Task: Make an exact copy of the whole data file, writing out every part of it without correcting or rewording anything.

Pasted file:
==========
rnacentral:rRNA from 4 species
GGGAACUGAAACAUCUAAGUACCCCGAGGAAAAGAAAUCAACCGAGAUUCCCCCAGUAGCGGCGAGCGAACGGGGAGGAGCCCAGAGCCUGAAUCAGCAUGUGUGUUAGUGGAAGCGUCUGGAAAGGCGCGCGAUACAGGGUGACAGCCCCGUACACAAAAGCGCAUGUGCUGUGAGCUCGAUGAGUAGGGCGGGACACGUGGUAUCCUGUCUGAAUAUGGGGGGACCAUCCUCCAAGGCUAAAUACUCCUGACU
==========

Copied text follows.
rnacentral:rRNA from 4 species
GGGAACUGAAACAUCUAAGUACCCCGAGGAAAAGAAAUCAACCGAGAUUCCCCCAGUAGCGGCGAGCGAACGGGGAGGAGCCCAGAGCCUGAAUCAGCAUGUGUGUUAGUGGAAGCGUCUGGAAAGGCGCGCGAUACAGGGUGACAGCCCCGUACACAAAAGCGCAUGUGCUGUGAGCUCGAUGAGUAGGGCGGGACACGUGGUAUCCUGUCUGAAUAUGGGGGGACCAUCCUCCAAGGCUAAAUACUCCUGACU